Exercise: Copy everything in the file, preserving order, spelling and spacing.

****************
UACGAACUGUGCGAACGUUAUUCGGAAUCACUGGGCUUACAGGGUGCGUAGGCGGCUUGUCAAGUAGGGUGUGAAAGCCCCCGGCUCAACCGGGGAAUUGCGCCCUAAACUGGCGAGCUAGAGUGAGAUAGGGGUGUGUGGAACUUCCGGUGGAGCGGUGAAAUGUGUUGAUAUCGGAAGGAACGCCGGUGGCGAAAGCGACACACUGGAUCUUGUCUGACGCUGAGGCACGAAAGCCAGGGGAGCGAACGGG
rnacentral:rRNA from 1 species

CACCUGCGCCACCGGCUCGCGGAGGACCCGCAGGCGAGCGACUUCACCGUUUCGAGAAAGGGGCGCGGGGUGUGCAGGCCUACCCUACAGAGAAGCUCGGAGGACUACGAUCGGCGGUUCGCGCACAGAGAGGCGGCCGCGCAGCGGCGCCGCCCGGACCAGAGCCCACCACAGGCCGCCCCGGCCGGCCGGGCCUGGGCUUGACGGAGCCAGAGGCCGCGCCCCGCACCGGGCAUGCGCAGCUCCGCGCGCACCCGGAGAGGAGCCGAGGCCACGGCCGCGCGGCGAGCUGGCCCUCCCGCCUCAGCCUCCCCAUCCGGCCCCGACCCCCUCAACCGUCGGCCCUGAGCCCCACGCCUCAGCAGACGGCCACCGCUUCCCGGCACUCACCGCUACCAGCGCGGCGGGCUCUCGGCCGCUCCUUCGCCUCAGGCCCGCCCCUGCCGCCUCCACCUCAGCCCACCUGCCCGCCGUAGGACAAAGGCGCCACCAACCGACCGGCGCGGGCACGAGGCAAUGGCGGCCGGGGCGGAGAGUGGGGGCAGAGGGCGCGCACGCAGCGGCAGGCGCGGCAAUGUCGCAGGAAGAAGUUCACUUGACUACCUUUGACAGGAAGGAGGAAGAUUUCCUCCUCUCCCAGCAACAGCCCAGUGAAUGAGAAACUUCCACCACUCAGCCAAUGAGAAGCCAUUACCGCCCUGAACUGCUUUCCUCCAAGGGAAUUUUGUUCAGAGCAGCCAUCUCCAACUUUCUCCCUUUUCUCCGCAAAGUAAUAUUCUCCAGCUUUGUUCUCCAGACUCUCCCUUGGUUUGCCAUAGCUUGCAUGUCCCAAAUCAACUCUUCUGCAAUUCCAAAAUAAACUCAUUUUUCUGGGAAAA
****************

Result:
UACGAACUGUGCGAACGUUAUUCGGAAUCACUGGGCUUACAGGGUGCGUAGGCGGCUUGUCAAGUAGGGUGUGAAAGCCCCCGGCUCAACCGGGGAAUUGCGCCCUAAACUGGCGAGCUAGAGUGAGAUAGGGGUGUGUGGAACUUCCGGUGGAGCGGUGAAAUGUGUUGAUAUCGGAAGGAACGCCGGUGGCGAAAGCGACACACUGGAUCUUGUCUGACGCUGAGGCACGAAAGCCAGGGGAGCGAACGGG
rnacentral:rRNA from 1 species

CACCUGCGCCACCGGCUCGCGGAGGACCCGCAGGCGAGCGACUUCACCGUUUCGAGAAAGGGGCGCGGGGUGUGCAGGCCUACCCUACAGAGAAGCUCGGAGGACUACGAUCGGCGGUUCGCGCACAGAGAGGCGGCCGCGCAGCGGCGCCGCCCGGACCAGAGCCCACCACAGGCCGCCCCGGCCGGCCGGGCCUGGGCUUGACGGAGCCAGAGGCCGCGCCCCGCACCGGGCAUGCGCAGCUCCGCGCGCACCCGGAGAGGAGCCGAGGCCACGGCCGCGCGGCGAGCUGGCCCUCCCGCCUCAGCCUCCCCAUCCGGCCCCGACCCCCUCAACCGUCGGCCCUGAGCCCCACGCCUCAGCAGACGGCCACCGCUUCCCGGCACUCACCGCUACCAGCGCGGCGGGCUCUCGGCCGCUCCUUCGCCUCAGGCCCGCCCCUGCCGCCUCCACCUCAGCCCACCUGCCCGCCGUAGGACAAAGGCGCCACCAACCGACCGGCGCGGGCACGAGGCAAUGGCGGCCGGGGCGGAGAGUGGGGGCAGAGGGCGCGCACGCAGCGGCAGGCGCGGCAAUGUCGCAGGAAGAAGUUCACUUGACUACCUUUGACAGGAAGGAGGAAGAUUUCCUCCUCUCCCAGCAACAGCCCAGUGAAUGAGAAACUUCCACCACUCAGCCAAUGAGAAGCCAUUACCGCCCUGAACUGCUUUCCUCCAAGGGAAUUUUGUUCAGAGCAGCCAUCUCCAACUUUCUCCCUUUUCUCCGCAAAGUAAUAUUCUCCAGCUUUGUUCUCCAGACUCUCCCUUGGUUUGCCAUAGCUUGCAUGUCCCAAAUCAACUCUUCUGCAAUUCCAAAAUAAACUCAUUUUUCUGGGAAAA